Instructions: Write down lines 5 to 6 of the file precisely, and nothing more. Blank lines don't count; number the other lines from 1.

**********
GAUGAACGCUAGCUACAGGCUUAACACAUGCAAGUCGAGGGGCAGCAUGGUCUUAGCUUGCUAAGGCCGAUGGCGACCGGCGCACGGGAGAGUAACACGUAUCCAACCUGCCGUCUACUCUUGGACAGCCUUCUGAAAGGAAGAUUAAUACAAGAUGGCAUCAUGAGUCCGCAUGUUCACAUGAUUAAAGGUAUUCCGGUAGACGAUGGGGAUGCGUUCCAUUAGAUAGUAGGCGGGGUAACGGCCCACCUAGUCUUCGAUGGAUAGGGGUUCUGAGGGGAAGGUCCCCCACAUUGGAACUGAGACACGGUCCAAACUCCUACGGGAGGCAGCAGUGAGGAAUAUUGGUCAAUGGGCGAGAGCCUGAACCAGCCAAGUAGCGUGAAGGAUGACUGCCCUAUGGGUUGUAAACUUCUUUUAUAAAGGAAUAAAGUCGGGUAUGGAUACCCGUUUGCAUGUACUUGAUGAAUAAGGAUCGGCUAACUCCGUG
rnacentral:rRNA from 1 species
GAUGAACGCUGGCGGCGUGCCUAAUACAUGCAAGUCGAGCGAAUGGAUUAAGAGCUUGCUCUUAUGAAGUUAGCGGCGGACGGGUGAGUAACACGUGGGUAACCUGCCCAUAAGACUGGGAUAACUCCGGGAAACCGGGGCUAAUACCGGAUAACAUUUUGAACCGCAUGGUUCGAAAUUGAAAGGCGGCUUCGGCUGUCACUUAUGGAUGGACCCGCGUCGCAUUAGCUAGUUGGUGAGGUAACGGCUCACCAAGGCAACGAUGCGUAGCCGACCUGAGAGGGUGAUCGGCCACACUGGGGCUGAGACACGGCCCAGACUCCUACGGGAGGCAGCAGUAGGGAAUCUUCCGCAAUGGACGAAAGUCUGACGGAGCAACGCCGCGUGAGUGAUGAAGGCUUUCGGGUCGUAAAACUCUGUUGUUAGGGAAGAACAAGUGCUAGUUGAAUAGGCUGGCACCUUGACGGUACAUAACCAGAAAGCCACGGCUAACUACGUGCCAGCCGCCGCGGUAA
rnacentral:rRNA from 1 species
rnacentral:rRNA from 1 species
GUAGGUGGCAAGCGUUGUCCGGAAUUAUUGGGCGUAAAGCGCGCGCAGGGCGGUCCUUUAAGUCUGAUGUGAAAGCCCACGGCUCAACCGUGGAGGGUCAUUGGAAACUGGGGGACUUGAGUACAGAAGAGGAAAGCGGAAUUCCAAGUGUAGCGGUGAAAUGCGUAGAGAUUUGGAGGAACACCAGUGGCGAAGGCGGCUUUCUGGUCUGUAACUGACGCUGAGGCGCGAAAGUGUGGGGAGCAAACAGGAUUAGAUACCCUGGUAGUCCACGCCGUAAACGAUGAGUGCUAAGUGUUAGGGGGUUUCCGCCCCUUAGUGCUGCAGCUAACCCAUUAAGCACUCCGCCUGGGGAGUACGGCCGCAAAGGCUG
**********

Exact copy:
rnacentral:rRNA from 1 species
GUAGGUGGCAAGCGUUGUCCGGAAUUAUUGGGCGUAAAGCGCGCGCAGGGCGGUCCUUUAAGUCUGAUGUGAAAGCCCACGGCUCAACCGUGGAGGGUCAUUGGAAACUGGGGGACUUGAGUACAGAAGAGGAAAGCGGAAUUCCAAGUGUAGCGGUGAAAUGCGUAGAGAUUUGGAGGAACACCAGUGGCGAAGGCGGCUUUCUGGUCUGUAACUGACGCUGAGGCGCGAAAGUGUGGGGAGCAAACAGGAUUAGAUACCCUGGUAGUCCACGCCGUAAACGAUGAGUGCUAAGUGUUAGGGGGUUUCCGCCCCUUAGUGCUGCAGCUAACCCAUUAAGCACUCCGCCUGGGGAGUACGGCCGCAAAGGCUG